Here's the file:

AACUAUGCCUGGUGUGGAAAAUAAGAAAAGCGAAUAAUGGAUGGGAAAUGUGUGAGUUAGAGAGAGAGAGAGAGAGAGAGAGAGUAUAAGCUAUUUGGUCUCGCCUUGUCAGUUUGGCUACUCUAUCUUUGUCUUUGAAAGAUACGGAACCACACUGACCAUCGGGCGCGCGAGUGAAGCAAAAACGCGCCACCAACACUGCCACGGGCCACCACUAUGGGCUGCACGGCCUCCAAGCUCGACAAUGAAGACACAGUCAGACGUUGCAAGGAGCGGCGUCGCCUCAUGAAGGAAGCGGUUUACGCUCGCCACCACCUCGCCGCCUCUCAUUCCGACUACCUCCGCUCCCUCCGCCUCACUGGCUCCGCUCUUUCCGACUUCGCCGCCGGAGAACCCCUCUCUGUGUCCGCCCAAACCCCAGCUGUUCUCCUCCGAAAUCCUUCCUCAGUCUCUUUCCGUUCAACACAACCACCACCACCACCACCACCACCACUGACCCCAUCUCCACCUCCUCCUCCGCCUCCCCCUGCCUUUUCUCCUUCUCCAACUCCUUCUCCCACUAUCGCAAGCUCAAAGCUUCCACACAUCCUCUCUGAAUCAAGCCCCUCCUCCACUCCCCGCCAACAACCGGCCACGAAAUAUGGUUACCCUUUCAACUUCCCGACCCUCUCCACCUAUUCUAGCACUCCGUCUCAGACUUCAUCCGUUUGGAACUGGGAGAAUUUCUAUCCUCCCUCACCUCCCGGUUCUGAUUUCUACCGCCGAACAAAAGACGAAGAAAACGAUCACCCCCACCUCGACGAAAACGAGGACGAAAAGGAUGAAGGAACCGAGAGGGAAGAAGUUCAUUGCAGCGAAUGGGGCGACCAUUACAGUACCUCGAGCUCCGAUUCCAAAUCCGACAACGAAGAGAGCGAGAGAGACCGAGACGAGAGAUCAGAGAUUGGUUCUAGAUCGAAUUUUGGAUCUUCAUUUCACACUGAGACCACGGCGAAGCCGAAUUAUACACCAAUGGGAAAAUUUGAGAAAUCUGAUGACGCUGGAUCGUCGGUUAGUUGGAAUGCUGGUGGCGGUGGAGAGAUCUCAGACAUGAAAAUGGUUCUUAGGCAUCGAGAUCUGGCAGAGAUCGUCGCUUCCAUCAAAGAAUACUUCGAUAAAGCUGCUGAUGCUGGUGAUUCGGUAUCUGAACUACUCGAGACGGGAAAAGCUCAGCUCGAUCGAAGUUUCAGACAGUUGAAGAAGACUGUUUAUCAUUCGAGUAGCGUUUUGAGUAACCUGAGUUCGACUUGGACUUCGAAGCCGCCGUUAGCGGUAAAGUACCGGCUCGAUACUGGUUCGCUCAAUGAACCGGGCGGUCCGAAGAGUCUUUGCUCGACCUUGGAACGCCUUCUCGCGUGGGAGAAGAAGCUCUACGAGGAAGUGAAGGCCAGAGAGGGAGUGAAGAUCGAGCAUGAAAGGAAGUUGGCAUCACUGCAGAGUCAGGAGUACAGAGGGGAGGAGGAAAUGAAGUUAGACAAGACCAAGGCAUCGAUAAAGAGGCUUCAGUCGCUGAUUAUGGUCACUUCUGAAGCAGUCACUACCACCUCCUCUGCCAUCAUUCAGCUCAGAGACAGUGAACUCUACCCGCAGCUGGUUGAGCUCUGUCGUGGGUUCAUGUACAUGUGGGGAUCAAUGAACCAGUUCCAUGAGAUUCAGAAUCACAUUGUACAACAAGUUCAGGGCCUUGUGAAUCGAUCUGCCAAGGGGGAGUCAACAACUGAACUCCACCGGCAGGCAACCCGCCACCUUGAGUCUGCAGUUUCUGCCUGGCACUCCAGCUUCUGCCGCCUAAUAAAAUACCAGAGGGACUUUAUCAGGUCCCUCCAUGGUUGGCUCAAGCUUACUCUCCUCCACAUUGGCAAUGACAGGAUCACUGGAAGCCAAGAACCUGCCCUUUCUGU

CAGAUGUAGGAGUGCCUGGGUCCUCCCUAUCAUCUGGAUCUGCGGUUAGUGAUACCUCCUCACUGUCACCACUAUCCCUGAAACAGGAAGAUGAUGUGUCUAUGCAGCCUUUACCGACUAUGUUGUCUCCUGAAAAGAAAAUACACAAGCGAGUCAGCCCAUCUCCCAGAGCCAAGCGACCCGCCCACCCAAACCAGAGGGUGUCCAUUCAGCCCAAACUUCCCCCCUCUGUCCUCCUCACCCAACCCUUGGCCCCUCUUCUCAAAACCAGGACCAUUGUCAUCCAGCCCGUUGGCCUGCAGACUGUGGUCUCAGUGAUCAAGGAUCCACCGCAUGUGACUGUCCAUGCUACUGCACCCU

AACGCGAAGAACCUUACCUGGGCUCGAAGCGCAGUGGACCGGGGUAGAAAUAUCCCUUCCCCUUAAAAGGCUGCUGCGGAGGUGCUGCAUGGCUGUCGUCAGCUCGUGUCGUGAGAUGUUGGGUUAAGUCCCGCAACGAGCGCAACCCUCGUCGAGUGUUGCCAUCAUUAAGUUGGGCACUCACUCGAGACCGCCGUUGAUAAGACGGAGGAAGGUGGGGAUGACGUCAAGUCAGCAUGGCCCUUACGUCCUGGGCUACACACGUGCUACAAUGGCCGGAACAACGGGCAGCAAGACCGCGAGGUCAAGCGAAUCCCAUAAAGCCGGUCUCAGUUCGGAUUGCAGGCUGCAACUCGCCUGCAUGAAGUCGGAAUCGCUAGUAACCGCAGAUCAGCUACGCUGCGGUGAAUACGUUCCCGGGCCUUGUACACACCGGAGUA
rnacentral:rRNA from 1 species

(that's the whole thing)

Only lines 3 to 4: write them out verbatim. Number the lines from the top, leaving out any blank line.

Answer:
AACGCGAAGAACCUUACCUGGGCUCGAAGCGCAGUGGACCGGGGUAGAAAUAUCCCUUCCCCUUAAAAGGCUGCUGCGGAGGUGCUGCAUGGCUGUCGUCAGCUCGUGUCGUGAGAUGUUGGGUUAAGUCCCGCAACGAGCGCAACCCUCGUCGAGUGUUGCCAUCAUUAAGUUGGGCACUCACUCGAGACCGCCGUUGAUAAGACGGAGGAAGGUGGGGAUGACGUCAAGUCAGCAUGGCCCUUACGUCCUGGGCUACACACGUGCUACAAUGGCCGGAACAACGGGCAGCAAGACCGCGAGGUCAAGCGAAUCCCAUAAAGCCGGUCUCAGUUCGGAUUGCAGGCUGCAACUCGCCUGCAUGAAGUCGGAAUCGCUAGUAACCGCAGAUCAGCUACGCUGCGGUGAAUACGUUCCCGGGCCUUGUACACACCGGAGUA
rnacentral:rRNA from 1 species